April 21, 2012

Funny Face and Crazy Horse beverages

From Slavery to Raspberry-Flavored Indians: America’s Obsession With Stereotypes

By Julianne JenningsBy the ‘60s racist products began to decline, because of changes brought on by the civil rights movement. This transformation is marked by the debut of Funny Face, Pillsbury’s answer to their competition, Kool-Aid. The brand was launched in 1964 and originally included the goofy-looking characters, Injun Orange and Chinese Cherry. There is no record of a public reaction, but a year later, the two were replaced for Choo-Choo Cherry and Jolly Olly Orange.

Under repeated pressure by NAACP, the Aughinbaugh canning company of Biloxi Mississippi, changed the name of its oysters from “Nigger Head Brand” to “Negro Head Brand.” Negro means ‘black’ in Spanish and Portuguese linking the word to the international slave trade during colonial expeditions to Negroland, an invented European term for various West African inland states favored for slaves.

Segal also writes, Crazy Horse malt liquor was introduced in 1992. The estate of Crazy Horse and the Rosebud Sioux Tribe were appalled; the brand seemed to reinforce the idea that Native Americans are prone to alcoholism. Once again the company stuck with the product only for as long as the upside of cash flow outweighed the downside of adverse publicity. Stroh Brewery sold the brand and in 2001 apologized at a ceremony at the Rosebud Reservation, handing over “culturally appropriate” damages, which included seven racehorses and 32 braids of sweet grass. With less fanfare, the brand’s second owners dropped Crazy Horse’s face from the bottle and renamed the beverage Crazy Stallion in 2004.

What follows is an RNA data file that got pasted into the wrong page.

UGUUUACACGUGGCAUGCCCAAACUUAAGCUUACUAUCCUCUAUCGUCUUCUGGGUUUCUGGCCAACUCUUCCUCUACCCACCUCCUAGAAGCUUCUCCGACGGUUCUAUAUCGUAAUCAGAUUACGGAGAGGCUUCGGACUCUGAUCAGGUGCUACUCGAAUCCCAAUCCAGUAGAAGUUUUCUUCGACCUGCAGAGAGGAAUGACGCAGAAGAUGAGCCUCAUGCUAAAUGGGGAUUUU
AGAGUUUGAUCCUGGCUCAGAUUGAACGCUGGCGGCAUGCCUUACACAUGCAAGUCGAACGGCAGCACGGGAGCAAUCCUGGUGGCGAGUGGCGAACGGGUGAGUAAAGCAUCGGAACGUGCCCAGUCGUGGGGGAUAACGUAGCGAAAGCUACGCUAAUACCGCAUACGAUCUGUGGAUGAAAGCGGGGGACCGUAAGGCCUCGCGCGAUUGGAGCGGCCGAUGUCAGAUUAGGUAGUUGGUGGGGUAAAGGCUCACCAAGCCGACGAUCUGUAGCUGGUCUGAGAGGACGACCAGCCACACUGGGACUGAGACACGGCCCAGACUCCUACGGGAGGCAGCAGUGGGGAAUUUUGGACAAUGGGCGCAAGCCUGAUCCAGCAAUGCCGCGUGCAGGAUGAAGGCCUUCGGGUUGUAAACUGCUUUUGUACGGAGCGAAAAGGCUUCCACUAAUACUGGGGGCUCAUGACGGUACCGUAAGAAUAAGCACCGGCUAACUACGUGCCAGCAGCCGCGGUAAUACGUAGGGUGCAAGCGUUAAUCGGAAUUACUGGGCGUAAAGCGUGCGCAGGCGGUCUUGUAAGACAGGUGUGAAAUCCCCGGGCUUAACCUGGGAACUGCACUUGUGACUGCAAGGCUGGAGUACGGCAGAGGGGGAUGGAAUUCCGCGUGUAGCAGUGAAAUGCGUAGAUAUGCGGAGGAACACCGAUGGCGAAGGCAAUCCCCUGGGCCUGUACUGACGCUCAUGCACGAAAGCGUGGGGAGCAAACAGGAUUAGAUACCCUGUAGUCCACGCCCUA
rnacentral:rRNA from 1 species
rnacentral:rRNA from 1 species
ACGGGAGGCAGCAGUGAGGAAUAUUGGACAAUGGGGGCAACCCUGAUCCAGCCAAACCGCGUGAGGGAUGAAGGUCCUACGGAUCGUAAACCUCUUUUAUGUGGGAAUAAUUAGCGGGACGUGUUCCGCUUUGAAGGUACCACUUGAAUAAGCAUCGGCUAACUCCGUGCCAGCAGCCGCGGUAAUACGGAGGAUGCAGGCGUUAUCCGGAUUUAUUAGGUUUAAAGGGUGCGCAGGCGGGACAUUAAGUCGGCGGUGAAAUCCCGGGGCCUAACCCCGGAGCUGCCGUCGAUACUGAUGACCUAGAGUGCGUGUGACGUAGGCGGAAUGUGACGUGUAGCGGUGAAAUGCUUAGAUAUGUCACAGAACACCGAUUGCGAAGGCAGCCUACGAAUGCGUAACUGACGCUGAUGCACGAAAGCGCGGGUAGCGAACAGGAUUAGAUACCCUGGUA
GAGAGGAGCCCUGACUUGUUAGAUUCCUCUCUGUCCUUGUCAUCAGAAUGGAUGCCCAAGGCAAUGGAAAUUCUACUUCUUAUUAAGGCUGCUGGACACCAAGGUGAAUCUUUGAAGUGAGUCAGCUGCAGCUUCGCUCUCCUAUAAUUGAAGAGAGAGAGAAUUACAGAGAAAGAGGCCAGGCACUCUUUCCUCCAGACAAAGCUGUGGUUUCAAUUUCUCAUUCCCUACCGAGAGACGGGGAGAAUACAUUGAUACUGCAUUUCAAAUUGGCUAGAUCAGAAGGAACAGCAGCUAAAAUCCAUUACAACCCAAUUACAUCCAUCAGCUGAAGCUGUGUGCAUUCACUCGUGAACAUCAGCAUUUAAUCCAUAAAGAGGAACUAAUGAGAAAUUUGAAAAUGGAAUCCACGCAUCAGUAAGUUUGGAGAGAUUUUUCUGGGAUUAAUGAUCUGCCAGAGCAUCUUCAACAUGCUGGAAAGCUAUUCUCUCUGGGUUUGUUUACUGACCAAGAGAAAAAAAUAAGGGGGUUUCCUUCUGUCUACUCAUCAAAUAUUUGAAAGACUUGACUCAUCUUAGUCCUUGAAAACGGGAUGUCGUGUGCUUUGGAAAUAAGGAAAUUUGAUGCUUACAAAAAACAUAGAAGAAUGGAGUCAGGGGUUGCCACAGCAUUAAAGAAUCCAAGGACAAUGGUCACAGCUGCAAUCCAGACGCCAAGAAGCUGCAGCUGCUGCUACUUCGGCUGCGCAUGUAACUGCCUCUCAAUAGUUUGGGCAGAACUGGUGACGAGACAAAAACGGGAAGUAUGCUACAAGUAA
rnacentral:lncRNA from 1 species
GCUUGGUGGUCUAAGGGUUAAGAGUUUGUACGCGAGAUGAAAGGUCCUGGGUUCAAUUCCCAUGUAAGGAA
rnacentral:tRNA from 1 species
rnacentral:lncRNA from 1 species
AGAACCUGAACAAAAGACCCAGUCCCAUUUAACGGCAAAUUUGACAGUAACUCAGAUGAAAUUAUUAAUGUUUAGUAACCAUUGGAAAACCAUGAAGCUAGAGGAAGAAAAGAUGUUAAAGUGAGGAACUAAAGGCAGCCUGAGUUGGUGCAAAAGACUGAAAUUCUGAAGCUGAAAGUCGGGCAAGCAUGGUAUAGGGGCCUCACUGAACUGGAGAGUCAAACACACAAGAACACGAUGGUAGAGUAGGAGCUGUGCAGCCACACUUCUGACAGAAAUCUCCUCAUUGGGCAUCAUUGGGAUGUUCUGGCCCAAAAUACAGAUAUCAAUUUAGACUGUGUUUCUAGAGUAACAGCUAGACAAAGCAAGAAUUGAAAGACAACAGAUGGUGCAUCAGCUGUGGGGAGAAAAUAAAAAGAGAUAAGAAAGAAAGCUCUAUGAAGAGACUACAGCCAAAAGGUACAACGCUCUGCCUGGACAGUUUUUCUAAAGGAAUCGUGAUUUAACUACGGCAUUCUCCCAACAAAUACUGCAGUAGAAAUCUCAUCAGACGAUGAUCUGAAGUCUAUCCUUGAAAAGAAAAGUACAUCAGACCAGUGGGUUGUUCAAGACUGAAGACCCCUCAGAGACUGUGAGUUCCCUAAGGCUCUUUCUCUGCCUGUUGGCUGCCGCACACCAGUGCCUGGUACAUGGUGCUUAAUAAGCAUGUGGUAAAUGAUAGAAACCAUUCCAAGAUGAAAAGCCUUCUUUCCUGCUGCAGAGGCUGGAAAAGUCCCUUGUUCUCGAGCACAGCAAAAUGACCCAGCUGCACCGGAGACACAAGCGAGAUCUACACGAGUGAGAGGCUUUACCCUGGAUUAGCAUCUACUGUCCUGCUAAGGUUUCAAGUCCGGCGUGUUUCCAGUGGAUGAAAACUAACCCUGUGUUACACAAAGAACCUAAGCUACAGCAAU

Comment:  This column gives you a small sample of the endless variety of black and Native stereotypes.

You may have heard of Crazy Horse malt liquor. I've mentioned it before. But the Injun Orange drink isn't well-known. I remember it from 50 years ago, but most people won't.

Sadly, the 1960s were supposedly a more enlightened area. I'm sure some marketing exec said, "Hey, we haven't featured any minorities on our products. Let's include an Indian and a Chinaman to show how sensitive we are."

"Good idea," said another exec. "Besides, the Indian has a big nose and warpaint. And the Chinaman has squinty eyes and buck teeth. They qualify as funny faces for our Funny Face line."

For more on the subject, see Stereotypes Disappear "Organically"? and Mercurie on 1960s Westerns.

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